Scientists are saying that earth’s life support systems have been damaged by human activities, pushing the planet beyond its safe operating limits. Their assessment discovered that humans have messed up six out of nine “planetary boundaries” due to pollution and destruction of the environment.
These planetary boundaries represent the limits of important global systems like climate, water, and wildlife diversity. The planetary boundaries were first proposed in 2009 by a group of scientists led by Johan Rockström of the Stockholm Resilience Center.
The boundaries are based on scientific evidence of the limits of the Earth’s natural systems. Crossing a planetary boundary can have a cascading effect on other systems, leading to a loss of resilience and increasing the risk of tipping points.
The broken boundaries mean that the Earth’s systems have been driven far from their safe and stable state over the past 10,000 years. This is a serious threat to human civilization, which has arisen and thrived in the Holocene era.
Six boundaries have been crossed and two are almost about to be broken: air pollution and ocean acidification. The scientists said the most concerning thing was that all four of the biological limits, which affect the living world, were either at or near the highest-risk level. The living world is super important for the Earth because it helps balance out some of the physical changes, like trees soaking up carbon dioxide pollution.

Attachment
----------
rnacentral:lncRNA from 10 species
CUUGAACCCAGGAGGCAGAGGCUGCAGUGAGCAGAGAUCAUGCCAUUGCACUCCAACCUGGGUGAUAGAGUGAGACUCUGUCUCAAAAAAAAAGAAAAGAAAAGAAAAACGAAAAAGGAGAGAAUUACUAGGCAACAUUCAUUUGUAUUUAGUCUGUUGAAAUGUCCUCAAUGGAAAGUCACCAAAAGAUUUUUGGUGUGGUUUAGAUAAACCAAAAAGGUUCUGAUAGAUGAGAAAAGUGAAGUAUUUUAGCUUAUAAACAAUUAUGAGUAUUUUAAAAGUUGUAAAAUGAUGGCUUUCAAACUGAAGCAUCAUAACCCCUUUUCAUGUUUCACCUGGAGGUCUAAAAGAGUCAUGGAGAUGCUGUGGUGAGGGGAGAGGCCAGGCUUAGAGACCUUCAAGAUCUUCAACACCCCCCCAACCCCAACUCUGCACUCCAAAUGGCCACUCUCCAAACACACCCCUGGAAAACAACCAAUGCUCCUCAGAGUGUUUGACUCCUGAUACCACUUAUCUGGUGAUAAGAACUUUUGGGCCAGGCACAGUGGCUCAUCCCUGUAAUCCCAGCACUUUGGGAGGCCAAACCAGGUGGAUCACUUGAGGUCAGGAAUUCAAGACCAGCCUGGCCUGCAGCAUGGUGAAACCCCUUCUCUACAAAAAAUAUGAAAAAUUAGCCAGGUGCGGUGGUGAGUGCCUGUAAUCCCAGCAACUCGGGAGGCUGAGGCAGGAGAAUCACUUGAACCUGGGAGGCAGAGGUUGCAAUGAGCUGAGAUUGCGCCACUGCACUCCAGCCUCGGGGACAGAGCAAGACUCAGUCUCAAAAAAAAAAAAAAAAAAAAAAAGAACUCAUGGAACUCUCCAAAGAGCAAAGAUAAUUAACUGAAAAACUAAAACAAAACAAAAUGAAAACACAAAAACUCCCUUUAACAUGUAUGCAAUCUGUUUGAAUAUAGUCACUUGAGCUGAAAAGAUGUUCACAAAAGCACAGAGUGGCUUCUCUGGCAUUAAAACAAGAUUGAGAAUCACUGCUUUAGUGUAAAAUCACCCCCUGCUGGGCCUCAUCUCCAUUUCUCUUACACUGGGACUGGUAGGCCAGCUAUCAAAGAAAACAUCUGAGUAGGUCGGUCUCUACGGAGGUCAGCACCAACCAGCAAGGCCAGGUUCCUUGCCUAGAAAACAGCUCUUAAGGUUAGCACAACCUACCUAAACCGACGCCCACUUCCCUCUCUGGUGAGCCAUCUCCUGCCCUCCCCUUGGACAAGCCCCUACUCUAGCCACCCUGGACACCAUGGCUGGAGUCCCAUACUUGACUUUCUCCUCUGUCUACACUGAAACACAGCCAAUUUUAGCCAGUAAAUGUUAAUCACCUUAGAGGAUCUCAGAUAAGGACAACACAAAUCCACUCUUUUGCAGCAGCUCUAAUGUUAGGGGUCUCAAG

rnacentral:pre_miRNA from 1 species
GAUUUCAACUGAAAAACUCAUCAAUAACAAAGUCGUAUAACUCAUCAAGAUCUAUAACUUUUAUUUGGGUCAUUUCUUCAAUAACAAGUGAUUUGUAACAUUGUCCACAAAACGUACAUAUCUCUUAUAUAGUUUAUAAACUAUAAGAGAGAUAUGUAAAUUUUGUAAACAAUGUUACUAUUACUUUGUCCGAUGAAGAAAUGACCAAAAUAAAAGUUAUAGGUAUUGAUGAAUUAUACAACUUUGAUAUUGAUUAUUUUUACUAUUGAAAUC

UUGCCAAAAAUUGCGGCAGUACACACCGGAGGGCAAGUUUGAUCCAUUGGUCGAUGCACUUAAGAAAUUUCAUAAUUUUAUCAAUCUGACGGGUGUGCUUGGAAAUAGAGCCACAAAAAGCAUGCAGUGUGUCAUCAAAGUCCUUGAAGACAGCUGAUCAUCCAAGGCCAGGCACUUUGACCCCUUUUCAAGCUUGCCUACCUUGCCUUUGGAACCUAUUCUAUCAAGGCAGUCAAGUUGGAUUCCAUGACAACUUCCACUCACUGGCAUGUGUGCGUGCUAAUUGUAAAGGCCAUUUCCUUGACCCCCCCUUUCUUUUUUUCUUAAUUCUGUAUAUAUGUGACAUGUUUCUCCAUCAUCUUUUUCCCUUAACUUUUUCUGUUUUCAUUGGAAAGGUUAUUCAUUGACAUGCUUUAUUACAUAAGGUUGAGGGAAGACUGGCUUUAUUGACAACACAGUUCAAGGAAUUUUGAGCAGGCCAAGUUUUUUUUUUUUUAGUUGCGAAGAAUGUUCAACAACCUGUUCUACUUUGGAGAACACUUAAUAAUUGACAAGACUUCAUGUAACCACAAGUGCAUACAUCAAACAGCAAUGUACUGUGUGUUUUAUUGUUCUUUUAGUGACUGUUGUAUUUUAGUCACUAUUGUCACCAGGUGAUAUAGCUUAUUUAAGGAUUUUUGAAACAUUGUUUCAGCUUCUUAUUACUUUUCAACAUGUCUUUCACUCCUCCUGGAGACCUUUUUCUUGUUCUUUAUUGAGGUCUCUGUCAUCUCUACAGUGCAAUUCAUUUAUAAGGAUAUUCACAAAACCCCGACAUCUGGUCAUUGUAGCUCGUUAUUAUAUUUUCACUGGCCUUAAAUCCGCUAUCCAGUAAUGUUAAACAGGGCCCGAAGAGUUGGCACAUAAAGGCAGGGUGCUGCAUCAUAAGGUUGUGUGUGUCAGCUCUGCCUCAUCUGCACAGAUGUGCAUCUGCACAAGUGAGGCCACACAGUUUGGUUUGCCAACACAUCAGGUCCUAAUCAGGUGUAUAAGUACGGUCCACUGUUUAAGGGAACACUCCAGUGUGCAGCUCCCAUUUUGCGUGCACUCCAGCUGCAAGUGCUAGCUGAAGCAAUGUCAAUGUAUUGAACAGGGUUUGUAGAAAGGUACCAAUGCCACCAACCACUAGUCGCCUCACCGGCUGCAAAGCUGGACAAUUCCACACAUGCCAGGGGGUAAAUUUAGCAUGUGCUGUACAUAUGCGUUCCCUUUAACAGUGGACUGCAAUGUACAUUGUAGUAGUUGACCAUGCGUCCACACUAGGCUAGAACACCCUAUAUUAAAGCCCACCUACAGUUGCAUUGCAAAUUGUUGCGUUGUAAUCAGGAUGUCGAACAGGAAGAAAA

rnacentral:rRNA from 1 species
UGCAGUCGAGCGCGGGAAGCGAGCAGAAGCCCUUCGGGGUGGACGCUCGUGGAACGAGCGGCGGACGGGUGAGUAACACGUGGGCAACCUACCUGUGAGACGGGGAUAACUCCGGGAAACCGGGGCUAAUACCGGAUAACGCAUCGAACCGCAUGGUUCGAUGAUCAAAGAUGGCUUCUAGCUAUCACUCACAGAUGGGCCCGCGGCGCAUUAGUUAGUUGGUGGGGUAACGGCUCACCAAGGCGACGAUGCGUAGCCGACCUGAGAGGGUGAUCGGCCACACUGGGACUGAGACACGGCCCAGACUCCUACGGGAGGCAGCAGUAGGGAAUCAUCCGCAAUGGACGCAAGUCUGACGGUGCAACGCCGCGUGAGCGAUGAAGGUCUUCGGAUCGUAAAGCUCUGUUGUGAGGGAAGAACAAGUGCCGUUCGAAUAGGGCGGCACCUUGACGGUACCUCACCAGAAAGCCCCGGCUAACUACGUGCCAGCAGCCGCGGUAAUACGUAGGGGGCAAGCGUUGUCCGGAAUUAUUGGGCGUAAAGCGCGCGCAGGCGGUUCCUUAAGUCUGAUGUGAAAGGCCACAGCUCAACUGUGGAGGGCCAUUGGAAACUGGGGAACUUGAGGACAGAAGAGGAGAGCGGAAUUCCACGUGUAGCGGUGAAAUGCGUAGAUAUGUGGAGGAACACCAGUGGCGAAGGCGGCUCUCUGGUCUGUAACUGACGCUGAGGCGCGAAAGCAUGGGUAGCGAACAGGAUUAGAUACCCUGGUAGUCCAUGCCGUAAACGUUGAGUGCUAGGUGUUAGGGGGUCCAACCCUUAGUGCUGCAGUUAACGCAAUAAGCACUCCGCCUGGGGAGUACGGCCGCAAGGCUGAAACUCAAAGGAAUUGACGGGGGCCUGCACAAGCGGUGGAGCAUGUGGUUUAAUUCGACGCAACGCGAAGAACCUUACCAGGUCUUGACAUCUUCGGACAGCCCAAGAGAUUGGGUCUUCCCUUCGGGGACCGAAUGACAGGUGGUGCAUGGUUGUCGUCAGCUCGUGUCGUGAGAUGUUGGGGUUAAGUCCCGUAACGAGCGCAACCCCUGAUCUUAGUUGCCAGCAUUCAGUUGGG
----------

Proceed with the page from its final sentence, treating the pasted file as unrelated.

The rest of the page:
The scientists said that the planetary boundaries are not like irreversible tipping points where sudden and serious deterioration happens. Instead, they are points after which the risks of fundamental changes in the Earth’s physical, biological and chemical life support systems rise significantly.
This failing resilience could make restricting global heating to the 1.5C climate goal impossible and could bring the world closer to real tipping points. Scientists said in September that the world was on the brink of multiple disastrous tipping points.
Reference- The Guardian, National Geographic, Stockholm Resilience Center website, BBC